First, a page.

It’s a pretty common scenario. A mum braves the shops with her pre-schooler and gets told off by a stranger.
Hannah Sewell, from South Carolina has documented one such incident on Facebook. Sewell writes that she was shopping in Aldi with her four-year-old son Caden, when he spotted that his favourite apples were available. In his excitement, he started jumping up and down.
Control your child
But rather than admiring her parenting (I mean, the kid is excited by apples – clearly she is mother of the year material) a stranger approached her to reprimand her and her son.
The stranger told Sewell to control her child and then spoke directly to Caden. “Instead of saying hi, you got close to his face and asked him ‘What is wrong with you, does your mommy never take you anywhere?’” Sewell writes in an open letter to the stranger.
“Then you pointed out that he didn’t say anything back to you. When I informed you that he is unable to talk, you laughed and said, ‘No surprise there, he can’t even walk through a store’, before walking away.”
“… the saddest f***ing look on his face”
Unsurprisingly Sewell was upset by the incident, but her son took it particularly badly. Even a trip to Wendy’s didn’t cheer him up. “I thought he would like some nuggets and he loves the apple slices there because they’re different colours and he can line the colours up on his tray. But he didn’t get excited. He didn’t smile or jump. He just sat there with the saddest f***ing look on his face while he picked at his food,” Sewell writes.
Read more about toddler behaviour:
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- 7 things that might be behind your child’s bad behaviour
Tut-tutting and disapproving looks
The post brings back memories. My eldest daughter, G, now nearly nine was an incredibly energetic toddler. She was never deliberately naughty, but she was a handful. I didn’t take her to the shops unless I really had to. And when I had to, I made it my mission to get in and out as quickly as possible.
But that didn’t stop incidences such as the one Sewell describes from taking place. People frequently tutted at my daughter and me. And on a particularly awful day, an older woman told me to “control” my daughter. At the time, G had been dancing in the small corridor by the lifts – not tantrumming, not screaking, just dancing.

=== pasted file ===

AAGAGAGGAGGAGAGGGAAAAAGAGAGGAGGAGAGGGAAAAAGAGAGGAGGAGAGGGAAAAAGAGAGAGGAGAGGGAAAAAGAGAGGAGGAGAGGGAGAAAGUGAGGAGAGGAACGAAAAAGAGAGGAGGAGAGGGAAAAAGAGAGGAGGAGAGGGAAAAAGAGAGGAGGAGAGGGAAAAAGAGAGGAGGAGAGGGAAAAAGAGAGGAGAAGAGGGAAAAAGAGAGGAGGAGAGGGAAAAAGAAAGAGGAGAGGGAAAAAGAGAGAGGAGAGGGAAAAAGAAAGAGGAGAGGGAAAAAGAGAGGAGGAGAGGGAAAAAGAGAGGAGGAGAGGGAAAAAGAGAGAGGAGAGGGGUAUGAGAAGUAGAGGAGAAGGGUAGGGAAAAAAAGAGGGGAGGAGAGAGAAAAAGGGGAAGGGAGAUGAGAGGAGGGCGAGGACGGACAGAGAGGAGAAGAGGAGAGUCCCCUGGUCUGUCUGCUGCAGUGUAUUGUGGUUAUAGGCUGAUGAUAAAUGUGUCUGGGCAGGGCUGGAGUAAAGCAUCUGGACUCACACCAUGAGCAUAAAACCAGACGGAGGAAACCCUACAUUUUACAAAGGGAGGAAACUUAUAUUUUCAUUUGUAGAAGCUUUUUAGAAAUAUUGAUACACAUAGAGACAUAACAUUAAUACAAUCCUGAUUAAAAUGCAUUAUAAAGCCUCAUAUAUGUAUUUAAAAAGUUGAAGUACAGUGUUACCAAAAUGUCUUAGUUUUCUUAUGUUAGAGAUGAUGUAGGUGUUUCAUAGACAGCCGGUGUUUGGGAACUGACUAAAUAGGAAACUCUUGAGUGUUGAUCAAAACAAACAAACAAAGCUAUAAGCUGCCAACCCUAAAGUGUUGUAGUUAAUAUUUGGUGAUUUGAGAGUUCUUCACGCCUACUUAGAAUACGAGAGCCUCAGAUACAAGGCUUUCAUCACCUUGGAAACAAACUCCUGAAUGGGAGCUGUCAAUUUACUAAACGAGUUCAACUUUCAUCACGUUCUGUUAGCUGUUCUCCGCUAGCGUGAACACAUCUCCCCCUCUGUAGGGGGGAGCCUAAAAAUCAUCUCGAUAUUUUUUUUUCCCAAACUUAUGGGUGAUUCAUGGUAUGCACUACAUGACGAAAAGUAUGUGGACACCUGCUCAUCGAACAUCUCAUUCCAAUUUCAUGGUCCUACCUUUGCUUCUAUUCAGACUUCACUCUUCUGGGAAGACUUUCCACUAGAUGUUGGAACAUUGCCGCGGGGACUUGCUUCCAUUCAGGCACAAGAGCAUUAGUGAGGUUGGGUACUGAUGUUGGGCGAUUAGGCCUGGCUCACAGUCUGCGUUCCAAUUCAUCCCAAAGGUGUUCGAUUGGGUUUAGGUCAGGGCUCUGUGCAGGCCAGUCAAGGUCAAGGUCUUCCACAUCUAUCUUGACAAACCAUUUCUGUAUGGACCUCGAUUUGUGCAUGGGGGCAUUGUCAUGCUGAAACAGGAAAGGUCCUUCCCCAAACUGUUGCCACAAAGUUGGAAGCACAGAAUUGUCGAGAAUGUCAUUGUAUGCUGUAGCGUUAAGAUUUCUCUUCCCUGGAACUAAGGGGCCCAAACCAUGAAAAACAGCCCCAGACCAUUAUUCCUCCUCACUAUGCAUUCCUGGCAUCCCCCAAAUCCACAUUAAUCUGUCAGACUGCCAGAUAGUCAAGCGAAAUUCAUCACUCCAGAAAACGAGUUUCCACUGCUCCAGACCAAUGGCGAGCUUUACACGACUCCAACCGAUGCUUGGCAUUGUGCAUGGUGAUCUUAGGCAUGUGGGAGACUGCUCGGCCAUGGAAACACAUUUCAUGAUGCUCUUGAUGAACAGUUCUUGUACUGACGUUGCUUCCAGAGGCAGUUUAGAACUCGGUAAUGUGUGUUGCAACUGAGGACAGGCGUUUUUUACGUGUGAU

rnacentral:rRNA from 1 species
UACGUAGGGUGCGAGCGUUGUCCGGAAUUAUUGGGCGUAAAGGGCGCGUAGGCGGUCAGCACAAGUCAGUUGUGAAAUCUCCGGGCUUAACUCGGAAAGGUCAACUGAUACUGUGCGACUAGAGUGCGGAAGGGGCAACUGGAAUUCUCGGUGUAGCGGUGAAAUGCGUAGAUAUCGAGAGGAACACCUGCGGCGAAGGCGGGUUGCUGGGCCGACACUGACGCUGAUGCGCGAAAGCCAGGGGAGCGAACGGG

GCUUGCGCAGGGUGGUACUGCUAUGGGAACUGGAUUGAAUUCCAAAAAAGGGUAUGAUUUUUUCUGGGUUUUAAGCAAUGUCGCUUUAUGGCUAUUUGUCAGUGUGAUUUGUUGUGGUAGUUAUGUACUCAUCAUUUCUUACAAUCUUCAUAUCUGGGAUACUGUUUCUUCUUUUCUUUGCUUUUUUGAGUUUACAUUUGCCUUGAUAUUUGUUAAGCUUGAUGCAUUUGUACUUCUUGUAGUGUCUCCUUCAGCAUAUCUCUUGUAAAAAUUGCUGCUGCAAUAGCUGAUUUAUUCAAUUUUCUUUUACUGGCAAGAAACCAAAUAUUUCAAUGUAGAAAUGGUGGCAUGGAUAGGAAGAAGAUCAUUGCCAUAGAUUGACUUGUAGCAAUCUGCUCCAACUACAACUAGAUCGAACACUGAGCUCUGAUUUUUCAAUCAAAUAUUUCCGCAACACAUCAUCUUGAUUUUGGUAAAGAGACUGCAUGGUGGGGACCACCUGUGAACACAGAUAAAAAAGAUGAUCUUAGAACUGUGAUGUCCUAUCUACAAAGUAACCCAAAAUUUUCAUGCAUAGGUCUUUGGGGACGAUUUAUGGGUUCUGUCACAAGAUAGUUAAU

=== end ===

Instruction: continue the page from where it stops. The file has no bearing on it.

I’m generally pretty resilient, but the incident really shook me. Years of constant tutting and disapproving looks had worn me down. I grabbed G and got the hell out of there. I cried all the way home while my darling girl wondered out loud why we didn’t buy the milk we had come out for.
Oh, how things change
The funny thing is that time changes everything. G is still “a character” – but now that she is older, she’s “a character” that strangers in supermarkets enjoy interacting with. She says hello to people we pass (older people in our neighbourhood love this) she makes cheerful comments about the weather. She holds doors open, and when we’re in a lift, she asks strangers which floor they would like so she can push the button for them.
I don’t get tuts and disapproval any more. I get warm smiles and compliments on my daughters “beautiful manners”. It always makes me smile. She is the same kid that danced in the corridor – but as a pre-tween, she’s not seen as disobedient – she is seen as delightful.
Sewell’s now viral post has been flooded with comments from other parents who have been in the same situation. It is flabbergasting that strangers feel they have the right to comment and judge. What is more flabbergasting is the lack of foresight – the kids that show a lust for life in the toddler years are the ones that they’ll want to say hello to further down the track.
To Sewell – keep doing what you’re doing – you’ll get the last laugh in the end.